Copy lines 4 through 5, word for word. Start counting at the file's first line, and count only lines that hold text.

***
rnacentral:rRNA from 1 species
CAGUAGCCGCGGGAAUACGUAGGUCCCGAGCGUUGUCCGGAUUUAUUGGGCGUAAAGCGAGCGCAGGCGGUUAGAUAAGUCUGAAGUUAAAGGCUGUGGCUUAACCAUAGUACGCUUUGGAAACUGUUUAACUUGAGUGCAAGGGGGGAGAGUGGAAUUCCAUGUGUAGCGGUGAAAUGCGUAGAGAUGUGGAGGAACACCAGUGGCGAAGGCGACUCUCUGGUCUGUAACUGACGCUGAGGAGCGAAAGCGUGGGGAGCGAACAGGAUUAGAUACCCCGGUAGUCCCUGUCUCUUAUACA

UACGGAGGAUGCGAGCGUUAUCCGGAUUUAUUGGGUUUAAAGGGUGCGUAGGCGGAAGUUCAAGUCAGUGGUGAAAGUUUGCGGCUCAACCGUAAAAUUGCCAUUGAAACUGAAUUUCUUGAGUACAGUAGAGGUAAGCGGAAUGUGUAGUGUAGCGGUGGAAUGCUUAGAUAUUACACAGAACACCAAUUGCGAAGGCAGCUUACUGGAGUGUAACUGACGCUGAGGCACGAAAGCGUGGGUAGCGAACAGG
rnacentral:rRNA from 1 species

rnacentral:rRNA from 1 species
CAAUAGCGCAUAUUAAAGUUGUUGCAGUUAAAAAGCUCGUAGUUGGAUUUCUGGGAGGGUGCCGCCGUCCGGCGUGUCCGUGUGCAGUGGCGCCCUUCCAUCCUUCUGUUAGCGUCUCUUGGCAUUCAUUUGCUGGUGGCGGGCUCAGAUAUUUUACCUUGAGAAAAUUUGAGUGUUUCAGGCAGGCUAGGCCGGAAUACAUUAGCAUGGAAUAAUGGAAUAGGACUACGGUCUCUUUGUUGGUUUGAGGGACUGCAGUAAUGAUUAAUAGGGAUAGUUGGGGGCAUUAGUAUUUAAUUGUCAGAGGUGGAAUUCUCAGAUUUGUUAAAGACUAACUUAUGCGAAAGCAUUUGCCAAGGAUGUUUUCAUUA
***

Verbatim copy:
rnacentral:rRNA from 1 species

rnacentral:rRNA from 1 species